Jenny Lewis' Pastel Pop Sailed Through The Fox Last Night

The former Rilo Kiley band leader supported her most recent album, The Voyager.

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The cover of Jenny Lewis’ most recent solo album, 2014’s The Voyager, bore a palette of colors reminiscent of posh ice-cream packaging: seafoam green, bleached yellow, and sky blue, all softly grading across Lewis’ white suit coat. Last night, Lewis and her backing quintet brought those pastels to the Fox Theater, appearing before a capacity crowd with a massive backdrop bearing amorphous orbs. Lewis, decked in the familiar suit, twirled a rose and flung it into the crowd during her first song, “Head Underwater.” It starts I’ve been wearing all black.

Which hints at the complexity of her material: A preternatural songwriter compared to every historic ray of sunshine pop supposedly native to California, Lewis is also a sentimental tactician who inverts tropes and navigates the treacherous arena of lyrics likely to get pegged as “confessional.” She can fill six and seven verses a song with minutiae of misery but never gets verbose or ham-fisted. She can also sympathize with a recently-defeated boxer, like Manny Pacquiao. Last night, she dedicated “You Are What You Love” to him, a song flush with so much imagery – It’s a sleight of hand/A white soul band/The heart attacks I’m convinced I have – that it’s hard to know what exactly she meant.

The sometimes-inscrutable but reliably evocative lyricist is also a consummate presence on stage. She mustered swagger for the “The Moneymaker,” then shooed away her male band mates to perform “With Arms Outstretched” – an acoustic number from Rilo Kiley’s 2002 album, The Execution of All Things, one of the best-lasting statements from the Saddle Creek Records era – with two backing vocalists, knowingly removing her hands from her pockets to enact the song’s titular promise as it went along. A little brown box rested at the foot of the mic. Lewis struck a different pose every time she foot on it.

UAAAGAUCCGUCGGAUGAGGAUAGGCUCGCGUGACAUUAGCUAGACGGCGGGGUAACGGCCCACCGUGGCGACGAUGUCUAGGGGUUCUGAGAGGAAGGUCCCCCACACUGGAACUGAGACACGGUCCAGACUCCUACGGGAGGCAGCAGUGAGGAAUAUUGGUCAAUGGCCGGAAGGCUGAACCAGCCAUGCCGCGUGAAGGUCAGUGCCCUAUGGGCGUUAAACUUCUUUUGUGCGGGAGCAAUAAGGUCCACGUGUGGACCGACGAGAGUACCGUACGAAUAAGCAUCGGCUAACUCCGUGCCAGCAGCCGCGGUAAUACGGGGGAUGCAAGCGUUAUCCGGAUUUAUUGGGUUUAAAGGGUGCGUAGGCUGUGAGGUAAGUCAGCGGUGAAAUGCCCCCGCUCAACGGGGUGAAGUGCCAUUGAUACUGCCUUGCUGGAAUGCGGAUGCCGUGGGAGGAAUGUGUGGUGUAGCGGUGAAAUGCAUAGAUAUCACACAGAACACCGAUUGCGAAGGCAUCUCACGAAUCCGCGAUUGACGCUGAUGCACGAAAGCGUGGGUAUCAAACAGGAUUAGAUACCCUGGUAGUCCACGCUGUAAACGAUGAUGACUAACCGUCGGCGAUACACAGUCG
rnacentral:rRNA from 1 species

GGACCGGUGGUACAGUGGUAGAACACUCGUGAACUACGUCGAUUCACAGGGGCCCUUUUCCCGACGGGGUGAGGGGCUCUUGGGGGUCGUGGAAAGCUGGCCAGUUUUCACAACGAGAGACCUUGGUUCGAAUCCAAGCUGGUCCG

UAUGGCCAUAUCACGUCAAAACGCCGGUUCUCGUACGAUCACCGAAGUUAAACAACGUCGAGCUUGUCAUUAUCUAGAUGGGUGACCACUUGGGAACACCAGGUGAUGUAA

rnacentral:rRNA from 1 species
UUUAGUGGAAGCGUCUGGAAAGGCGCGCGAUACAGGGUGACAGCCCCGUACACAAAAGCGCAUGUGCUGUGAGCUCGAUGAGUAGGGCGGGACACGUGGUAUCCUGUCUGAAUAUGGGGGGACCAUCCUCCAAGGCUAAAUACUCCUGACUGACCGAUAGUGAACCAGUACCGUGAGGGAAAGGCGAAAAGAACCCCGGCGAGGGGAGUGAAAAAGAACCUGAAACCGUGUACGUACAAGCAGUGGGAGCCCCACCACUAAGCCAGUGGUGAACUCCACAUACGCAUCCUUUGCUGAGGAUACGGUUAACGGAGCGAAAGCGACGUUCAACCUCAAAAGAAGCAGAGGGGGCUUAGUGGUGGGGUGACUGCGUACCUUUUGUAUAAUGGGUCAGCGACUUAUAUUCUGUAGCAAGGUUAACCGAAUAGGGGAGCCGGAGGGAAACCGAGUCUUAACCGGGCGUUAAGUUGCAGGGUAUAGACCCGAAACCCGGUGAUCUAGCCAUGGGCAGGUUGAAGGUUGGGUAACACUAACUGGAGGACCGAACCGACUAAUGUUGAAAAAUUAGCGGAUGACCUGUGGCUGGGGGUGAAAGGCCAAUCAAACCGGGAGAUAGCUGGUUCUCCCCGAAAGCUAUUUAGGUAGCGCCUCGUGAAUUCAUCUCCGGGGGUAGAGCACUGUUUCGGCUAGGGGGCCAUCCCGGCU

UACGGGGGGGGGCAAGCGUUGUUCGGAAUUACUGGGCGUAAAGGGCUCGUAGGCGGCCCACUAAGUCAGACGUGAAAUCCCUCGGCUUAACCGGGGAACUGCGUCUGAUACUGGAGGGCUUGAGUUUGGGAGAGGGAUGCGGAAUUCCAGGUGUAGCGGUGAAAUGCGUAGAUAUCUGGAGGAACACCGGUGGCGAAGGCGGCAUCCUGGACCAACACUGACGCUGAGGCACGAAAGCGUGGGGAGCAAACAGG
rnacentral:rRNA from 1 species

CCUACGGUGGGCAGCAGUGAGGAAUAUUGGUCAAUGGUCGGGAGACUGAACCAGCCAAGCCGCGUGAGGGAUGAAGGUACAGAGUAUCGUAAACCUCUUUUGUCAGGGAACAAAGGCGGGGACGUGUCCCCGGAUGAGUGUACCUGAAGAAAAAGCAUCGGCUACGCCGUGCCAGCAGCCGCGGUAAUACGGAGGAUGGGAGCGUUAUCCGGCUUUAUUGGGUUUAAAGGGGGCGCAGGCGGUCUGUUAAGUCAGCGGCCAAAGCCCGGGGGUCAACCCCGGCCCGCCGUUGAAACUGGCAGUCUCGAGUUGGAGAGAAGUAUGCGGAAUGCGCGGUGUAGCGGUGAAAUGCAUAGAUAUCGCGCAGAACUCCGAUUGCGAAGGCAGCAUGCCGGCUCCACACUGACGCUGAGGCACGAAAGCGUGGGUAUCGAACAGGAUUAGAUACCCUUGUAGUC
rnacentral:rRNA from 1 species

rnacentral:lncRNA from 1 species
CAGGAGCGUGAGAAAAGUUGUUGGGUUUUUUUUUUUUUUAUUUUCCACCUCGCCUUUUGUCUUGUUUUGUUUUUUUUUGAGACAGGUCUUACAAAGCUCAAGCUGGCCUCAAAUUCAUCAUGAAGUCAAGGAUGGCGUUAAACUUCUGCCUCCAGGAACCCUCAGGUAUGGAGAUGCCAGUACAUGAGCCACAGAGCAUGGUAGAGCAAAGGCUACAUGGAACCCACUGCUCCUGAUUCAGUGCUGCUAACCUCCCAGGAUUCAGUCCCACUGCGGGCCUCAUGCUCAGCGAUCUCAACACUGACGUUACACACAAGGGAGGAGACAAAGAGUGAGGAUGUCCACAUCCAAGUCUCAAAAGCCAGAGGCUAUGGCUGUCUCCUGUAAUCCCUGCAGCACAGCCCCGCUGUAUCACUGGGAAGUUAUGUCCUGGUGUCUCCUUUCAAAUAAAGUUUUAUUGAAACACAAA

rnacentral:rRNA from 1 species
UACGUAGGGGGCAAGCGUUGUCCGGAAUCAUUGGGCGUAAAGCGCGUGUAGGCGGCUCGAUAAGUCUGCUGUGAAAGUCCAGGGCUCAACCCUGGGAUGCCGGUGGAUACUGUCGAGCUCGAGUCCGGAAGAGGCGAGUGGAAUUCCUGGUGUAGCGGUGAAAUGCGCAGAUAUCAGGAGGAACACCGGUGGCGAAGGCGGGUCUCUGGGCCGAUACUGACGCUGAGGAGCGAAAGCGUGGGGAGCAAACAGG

“One of the Guys,” the lead single from The Voyager, sounded resplendent. Lewis’ spunky alto is perfectly suited to the snappy central sentiment. One line goes, When I look at myself all I can see/I’m just another lady without a baby. It’s a knotty lyric lodged in a silken single. In concert, Lewis halted her band to bring particular attention to it. Presented like a proud declaration, the crowd took it like one.

The Voyager is full of easily missed nuance and subtlety like that, but it’s also enjoyable as a glossy pop-rock record, one that fulfills the imperatives of townie and college radio programming alike. There’s more craft at play than in the pedestrian dreck designed to be ignored and appease “modern” “alternative” Pandora keywords, but Lewis’ most recent album appeals to the same sensibility. You could reduce it to shrewd careerist maneuvering, sure, but Lewis’ discography is a series of signposts indicating her eventual arrival at a style that’s universally palatable. She now works slyly towards listeners' pleasure center instead of assailing it with prosaic flurries of jarring imagery.

Still, as “Love U Forever” faded out and a volley of colorful balloons rained over the crowd last night, Lewis’ older approach reemerged. The cymbals swelled, the guitarist began to intimate a familiar melody, and Lewis started uttering the long lyrical salvo of “A Better Son/Daughter,” another Execution of All Things track. The first section is a scene of quotidian suffering. Lewis concluded it with a memory: When your heart was open wide and you loved things just because/Like the sick and the dying.

Then the band erupted. The glorious caterwaul of martial snare drum and seething guitar was not nuanced; it was thunderous and sheer and Lewis sputtered “fuck” repeatedly. Closing gestures are often exultant like that, but this was simply one of the evening’s strongest moments, which underscored the fact that there’s little of such structural might matched to frank expression of emotional extremity on The Voyager.

During the encore, however, Lewis performed a new song, "Girl on Girl." A punchy new-wave number, perhaps the line Kill your idols and fuck your friends signals a return to form. 

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